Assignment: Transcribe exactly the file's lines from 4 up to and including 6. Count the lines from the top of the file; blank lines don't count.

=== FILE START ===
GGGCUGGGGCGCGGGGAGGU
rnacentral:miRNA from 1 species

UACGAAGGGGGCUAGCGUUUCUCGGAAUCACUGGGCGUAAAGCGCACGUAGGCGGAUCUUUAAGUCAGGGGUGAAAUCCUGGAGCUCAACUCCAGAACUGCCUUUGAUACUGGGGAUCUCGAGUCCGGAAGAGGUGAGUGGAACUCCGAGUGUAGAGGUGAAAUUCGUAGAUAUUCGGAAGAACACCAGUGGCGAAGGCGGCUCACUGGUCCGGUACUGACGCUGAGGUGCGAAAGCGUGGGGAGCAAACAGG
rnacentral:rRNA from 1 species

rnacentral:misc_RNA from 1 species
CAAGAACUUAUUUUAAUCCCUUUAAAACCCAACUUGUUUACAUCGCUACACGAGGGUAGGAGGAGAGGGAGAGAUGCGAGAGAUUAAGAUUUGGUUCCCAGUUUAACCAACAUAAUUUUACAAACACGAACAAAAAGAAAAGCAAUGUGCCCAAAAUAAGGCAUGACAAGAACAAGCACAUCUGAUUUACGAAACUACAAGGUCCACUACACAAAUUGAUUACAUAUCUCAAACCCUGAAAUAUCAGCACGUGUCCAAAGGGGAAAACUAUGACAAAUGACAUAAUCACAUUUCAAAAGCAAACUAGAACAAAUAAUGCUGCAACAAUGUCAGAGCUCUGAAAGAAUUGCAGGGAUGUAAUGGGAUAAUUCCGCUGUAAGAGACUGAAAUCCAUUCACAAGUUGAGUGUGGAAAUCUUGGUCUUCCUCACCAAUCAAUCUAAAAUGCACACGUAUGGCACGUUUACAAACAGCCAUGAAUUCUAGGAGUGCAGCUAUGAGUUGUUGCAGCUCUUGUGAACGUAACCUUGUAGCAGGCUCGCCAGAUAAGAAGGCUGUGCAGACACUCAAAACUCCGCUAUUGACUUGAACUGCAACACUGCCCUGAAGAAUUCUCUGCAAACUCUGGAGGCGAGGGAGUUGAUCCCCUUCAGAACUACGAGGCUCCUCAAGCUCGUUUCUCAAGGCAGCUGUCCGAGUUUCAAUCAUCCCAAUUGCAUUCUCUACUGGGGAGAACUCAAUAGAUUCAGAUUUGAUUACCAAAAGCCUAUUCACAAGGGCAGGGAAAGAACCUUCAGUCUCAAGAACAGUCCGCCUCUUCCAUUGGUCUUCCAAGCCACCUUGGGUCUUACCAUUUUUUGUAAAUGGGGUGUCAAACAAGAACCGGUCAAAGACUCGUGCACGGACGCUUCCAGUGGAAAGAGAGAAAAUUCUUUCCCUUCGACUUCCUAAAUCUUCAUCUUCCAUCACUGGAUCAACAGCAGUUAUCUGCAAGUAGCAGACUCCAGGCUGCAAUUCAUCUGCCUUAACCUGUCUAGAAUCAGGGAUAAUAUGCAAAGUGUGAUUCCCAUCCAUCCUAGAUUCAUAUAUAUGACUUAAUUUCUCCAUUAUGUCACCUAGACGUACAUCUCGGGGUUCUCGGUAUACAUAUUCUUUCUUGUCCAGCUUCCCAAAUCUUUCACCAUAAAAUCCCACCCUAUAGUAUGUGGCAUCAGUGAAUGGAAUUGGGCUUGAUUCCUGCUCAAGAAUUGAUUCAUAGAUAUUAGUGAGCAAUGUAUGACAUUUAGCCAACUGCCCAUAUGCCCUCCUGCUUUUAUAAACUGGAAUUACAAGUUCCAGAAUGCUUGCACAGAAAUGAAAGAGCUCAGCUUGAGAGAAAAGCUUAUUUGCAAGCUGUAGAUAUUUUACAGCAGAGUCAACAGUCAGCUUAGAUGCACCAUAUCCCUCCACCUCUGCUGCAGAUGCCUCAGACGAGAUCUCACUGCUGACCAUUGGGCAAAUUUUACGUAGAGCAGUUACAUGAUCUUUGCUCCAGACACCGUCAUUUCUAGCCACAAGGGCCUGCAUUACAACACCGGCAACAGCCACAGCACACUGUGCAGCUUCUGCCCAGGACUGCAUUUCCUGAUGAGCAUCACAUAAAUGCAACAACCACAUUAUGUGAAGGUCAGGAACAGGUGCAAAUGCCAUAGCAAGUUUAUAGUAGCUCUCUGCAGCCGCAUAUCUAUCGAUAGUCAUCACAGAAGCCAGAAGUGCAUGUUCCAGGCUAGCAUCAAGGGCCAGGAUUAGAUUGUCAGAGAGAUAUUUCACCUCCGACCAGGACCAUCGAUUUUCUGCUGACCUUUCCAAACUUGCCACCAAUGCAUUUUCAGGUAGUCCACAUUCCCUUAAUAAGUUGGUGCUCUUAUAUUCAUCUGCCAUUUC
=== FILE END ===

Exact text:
rnacentral:rRNA from 1 species

rnacentral:misc_RNA from 1 species
CAAGAACUUAUUUUAAUCCCUUUAAAACCCAACUUGUUUACAUCGCUACACGAGGGUAGGAGGAGAGGGAGAGAUGCGAGAGAUUAAGAUUUGGUUCCCAGUUUAACCAACAUAAUUUUACAAACACGAACAAAAAGAAAAGCAAUGUGCCCAAAAUAAGGCAUGACAAGAACAAGCACAUCUGAUUUACGAAACUACAAGGUCCACUACACAAAUUGAUUACAUAUCUCAAACCCUGAAAUAUCAGCACGUGUCCAAAGGGGAAAACUAUGACAAAUGACAUAAUCACAUUUCAAAAGCAAACUAGAACAAAUAAUGCUGCAACAAUGUCAGAGCUCUGAAAGAAUUGCAGGGAUGUAAUGGGAUAAUUCCGCUGUAAGAGACUGAAAUCCAUUCACAAGUUGAGUGUGGAAAUCUUGGUCUUCCUCACCAAUCAAUCUAAAAUGCACACGUAUGGCACGUUUACAAACAGCCAUGAAUUCUAGGAGUGCAGCUAUGAGUUGUUGCAGCUCUUGUGAACGUAACCUUGUAGCAGGCUCGCCAGAUAAGAAGGCUGUGCAGACACUCAAAACUCCGCUAUUGACUUGAACUGCAACACUGCCCUGAAGAAUUCUCUGCAAACUCUGGAGGCGAGGGAGUUGAUCCCCUUCAGAACUACGAGGCUCCUCAAGCUCGUUUCUCAAGGCAGCUGUCCGAGUUUCAAUCAUCCCAAUUGCAUUCUCUACUGGGGAGAACUCAAUAGAUUCAGAUUUGAUUACCAAAAGCCUAUUCACAAGGGCAGGGAAAGAACCUUCAGUCUCAAGAACAGUCCGCCUCUUCCAUUGGUCUUCCAAGCCACCUUGGGUCUUACCAUUUUUUGUAAAUGGGGUGUCAAACAAGAACCGGUCAAAGACUCGUGCACGGACGCUUCCAGUGGAAAGAGAGAAAAUUCUUUCCCUUCGACUUCCUAAAUCUUCAUCUUCCAUCACUGGAUCAACAGCAGUUAUCUGCAAGUAGCAGACUCCAGGCUGCAAUUCAUCUGCCUUAACCUGUCUAGAAUCAGGGAUAAUAUGCAAAGUGUGAUUCCCAUCCAUCCUAGAUUCAUAUAUAUGACUUAAUUUCUCCAUUAUGUCACCUAGACGUACAUCUCGGGGUUCUCGGUAUACAUAUUCUUUCUUGUCCAGCUUCCCAAAUCUUUCACCAUAAAAUCCCACCCUAUAGUAUGUGGCAUCAGUGAAUGGAAUUGGGCUUGAUUCCUGCUCAAGAAUUGAUUCAUAGAUAUUAGUGAGCAAUGUAUGACAUUUAGCCAACUGCCCAUAUGCCCUCCUGCUUUUAUAAACUGGAAUUACAAGUUCCAGAAUGCUUGCACAGAAAUGAAAGAGCUCAGCUUGAGAGAAAAGCUUAUUUGCAAGCUGUAGAUAUUUUACAGCAGAGUCAACAGUCAGCUUAGAUGCACCAUAUCCCUCCACCUCUGCUGCAGAUGCCUCAGACGAGAUCUCACUGCUGACCAUUGGGCAAAUUUUACGUAGAGCAGUUACAUGAUCUUUGCUCCAGACACCGUCAUUUCUAGCCACAAGGGCCUGCAUUACAACACCGGCAACAGCCACAGCACACUGUGCAGCUUCUGCCCAGGACUGCAUUUCCUGAUGAGCAUCACAUAAAUGCAACAACCACAUUAUGUGAAGGUCAGGAACAGGUGCAAAUGCCAUAGCAAGUUUAUAGUAGCUCUCUGCAGCCGCAUAUCUAUCGAUAGUCAUCACAGAAGCCAGAAGUGCAUGUUCCAGGCUAGCAUCAAGGGCCAGGAUUAGAUUGUCAGAGAGAUAUUUCACCUCCGACCAGGACCAUCGAUUUUCUGCUGACCUUUCCAAACUUGCCACCAAUGCAUUUUCAGGUAGUCCACAUUCCCUUAAUAAGUUGGUGCUCUUAUAUUCAUCUGCCAUUUC